# Basic operation of BJT (Bipolar Junction Transistor) [duplicate]

I've searched many references, but now I'm stuck. What I understand so far is that a transistor is made up from two diodes, and as far as I know, the function of diode is only allow a current flow from one direction (ideal diode).

I've looked at this diagram of transistors:

For PNP transistor: If I trigger the Base with some small current, Ib, how can the current from the Collector flow to the Emitter, if there's a diode there (in the Emitter)?

Same question with NPN transistor.

I'm stuck here....

• The two-diode model of a transistor simply doesn't work. Throw that book away. – Chu Feb 11 '17 at 13:32
• So, what's the diagram of the transistor? i've search google and have that – Anton Io Feb 11 '17 at 13:38
• Yeah, you should stop thinking of them as two diodes as that will probably just confuse you. They say this because transistors are physically constructed with a P-N-P or N-P-N configuration, but they are all together in one piece of silicon. You can't model that with two discrete diodes. Firstly you would have P-N-N-P (or N-P-P-N), but also there is a lead between each. An actual BJT has more complex physics going on in the base layer and between the junctions. It's hard to give a short explanation of 'basic' BJT operation. – AngeloQ Feb 11 '17 at 13:40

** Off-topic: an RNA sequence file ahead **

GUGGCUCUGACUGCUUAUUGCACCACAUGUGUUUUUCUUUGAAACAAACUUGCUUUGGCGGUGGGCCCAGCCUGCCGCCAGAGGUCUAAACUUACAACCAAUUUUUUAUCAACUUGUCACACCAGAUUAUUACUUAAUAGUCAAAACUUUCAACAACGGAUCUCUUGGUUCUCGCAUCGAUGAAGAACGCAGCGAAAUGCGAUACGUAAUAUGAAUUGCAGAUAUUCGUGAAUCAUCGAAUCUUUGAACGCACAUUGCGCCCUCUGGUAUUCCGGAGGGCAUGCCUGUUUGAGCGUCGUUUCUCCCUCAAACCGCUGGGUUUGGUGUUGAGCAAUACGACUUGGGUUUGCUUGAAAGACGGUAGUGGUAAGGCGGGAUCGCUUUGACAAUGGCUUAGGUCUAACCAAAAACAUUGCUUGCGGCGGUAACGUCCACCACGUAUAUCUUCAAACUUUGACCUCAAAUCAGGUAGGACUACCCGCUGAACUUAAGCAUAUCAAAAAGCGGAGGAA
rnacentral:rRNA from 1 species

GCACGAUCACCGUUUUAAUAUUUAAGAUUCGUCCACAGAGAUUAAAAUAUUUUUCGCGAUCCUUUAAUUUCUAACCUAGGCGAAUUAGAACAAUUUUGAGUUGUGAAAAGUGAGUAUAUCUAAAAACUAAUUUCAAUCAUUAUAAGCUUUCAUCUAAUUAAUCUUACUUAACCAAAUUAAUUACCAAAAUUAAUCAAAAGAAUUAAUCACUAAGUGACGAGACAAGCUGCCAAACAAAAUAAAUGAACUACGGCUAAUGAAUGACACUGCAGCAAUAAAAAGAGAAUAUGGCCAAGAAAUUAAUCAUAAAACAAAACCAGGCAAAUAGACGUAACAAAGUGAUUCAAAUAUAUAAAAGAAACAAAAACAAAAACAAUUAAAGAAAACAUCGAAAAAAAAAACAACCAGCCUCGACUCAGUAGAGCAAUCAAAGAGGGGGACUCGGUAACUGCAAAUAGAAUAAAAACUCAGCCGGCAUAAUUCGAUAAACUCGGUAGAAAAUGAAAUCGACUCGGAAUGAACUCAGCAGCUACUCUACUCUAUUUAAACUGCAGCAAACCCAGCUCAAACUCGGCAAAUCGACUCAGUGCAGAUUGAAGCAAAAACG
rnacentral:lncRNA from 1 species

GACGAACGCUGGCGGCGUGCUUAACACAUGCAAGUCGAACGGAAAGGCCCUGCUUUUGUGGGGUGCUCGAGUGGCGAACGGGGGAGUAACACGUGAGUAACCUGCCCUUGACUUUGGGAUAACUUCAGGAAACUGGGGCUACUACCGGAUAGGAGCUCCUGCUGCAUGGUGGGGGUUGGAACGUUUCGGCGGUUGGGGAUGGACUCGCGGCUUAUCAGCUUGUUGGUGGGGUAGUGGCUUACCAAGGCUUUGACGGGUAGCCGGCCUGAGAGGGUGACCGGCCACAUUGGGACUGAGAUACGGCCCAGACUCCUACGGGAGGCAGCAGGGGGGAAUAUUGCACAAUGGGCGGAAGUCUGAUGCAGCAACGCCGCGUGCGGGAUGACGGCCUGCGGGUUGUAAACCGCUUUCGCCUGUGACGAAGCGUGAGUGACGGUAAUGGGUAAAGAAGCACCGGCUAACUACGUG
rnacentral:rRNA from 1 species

• There are three main modes (cut-off, active, saturation) and there are various properties for each. I think the Wiki article does a decent job explaining it, and there are lot's of other good resources online - just stop thinking of it as two diodes from a functional perspective. en.wikipedia.org/wiki/Bipolar_junction_transistor – AngeloQ Feb 11 '17 at 13:41
• The diagrams of the transistors are as you showed in your question (the top ones, not the diode representations). – AngeloQ Feb 11 '17 at 13:42